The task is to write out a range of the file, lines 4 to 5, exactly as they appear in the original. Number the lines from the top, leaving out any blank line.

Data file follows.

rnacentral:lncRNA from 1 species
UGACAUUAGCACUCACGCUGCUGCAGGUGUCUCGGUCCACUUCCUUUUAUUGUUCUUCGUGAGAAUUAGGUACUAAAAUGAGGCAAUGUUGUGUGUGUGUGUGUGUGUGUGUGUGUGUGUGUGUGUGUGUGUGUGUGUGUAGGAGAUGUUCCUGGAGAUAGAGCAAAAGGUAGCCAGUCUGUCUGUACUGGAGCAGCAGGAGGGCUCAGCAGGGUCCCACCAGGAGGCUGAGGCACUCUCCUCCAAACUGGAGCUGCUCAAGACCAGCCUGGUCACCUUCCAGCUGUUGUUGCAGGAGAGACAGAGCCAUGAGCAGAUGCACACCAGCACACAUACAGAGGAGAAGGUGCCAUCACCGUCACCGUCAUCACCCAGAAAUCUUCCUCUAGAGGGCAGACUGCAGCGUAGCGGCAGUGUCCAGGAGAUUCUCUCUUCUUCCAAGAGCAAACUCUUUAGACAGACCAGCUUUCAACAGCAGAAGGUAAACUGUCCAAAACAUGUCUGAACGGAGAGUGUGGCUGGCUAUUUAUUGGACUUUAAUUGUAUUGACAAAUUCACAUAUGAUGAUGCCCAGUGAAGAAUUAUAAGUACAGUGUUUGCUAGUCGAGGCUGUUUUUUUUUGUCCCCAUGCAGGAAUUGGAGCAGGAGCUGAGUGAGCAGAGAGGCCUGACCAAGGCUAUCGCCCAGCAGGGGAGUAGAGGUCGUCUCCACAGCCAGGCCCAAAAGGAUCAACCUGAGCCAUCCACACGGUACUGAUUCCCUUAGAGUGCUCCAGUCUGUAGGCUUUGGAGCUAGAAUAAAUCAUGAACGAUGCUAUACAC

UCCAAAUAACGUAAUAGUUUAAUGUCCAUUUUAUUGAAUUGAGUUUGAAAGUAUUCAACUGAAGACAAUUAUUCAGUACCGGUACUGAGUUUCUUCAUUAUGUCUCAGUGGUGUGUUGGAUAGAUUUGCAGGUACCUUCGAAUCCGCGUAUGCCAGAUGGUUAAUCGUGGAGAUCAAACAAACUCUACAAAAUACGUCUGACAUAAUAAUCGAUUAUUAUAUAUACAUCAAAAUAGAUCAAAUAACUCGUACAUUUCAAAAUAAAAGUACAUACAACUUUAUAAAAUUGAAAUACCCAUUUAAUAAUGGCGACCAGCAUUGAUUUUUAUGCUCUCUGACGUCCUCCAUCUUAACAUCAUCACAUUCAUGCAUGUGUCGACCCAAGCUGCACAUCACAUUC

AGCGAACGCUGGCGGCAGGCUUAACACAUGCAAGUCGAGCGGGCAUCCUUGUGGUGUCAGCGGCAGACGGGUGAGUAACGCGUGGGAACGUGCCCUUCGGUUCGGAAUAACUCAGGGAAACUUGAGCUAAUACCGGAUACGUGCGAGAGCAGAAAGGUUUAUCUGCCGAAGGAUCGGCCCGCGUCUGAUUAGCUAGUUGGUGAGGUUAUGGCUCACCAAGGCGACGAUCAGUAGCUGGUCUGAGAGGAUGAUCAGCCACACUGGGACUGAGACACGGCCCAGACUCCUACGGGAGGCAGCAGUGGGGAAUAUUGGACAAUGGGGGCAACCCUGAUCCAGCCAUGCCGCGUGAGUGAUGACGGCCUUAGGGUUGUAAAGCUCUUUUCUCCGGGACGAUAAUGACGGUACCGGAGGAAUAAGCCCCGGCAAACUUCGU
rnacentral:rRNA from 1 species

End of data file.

AGCGAACGCUGGCGGCAGGCUUAACACAUGCAAGUCGAGCGGGCAUCCUUGUGGUGUCAGCGGCAGACGGGUGAGUAACGCGUGGGAACGUGCCCUUCGGUUCGGAAUAACUCAGGGAAACUUGAGCUAAUACCGGAUACGUGCGAGAGCAGAAAGGUUUAUCUGCCGAAGGAUCGGCCCGCGUCUGAUUAGCUAGUUGGUGAGGUUAUGGCUCACCAAGGCGACGAUCAGUAGCUGGUCUGAGAGGAUGAUCAGCCACACUGGGACUGAGACACGGCCCAGACUCCUACGGGAGGCAGCAGUGGGGAAUAUUGGACAAUGGGGGCAACCCUGAUCCAGCCAUGCCGCGUGAGUGAUGACGGCCUUAGGGUUGUAAAGCUCUUUUCUCCGGGACGAUAAUGACGGUACCGGAGGAAUAAGCCCCGGCAAACUUCGU
rnacentral:rRNA from 1 species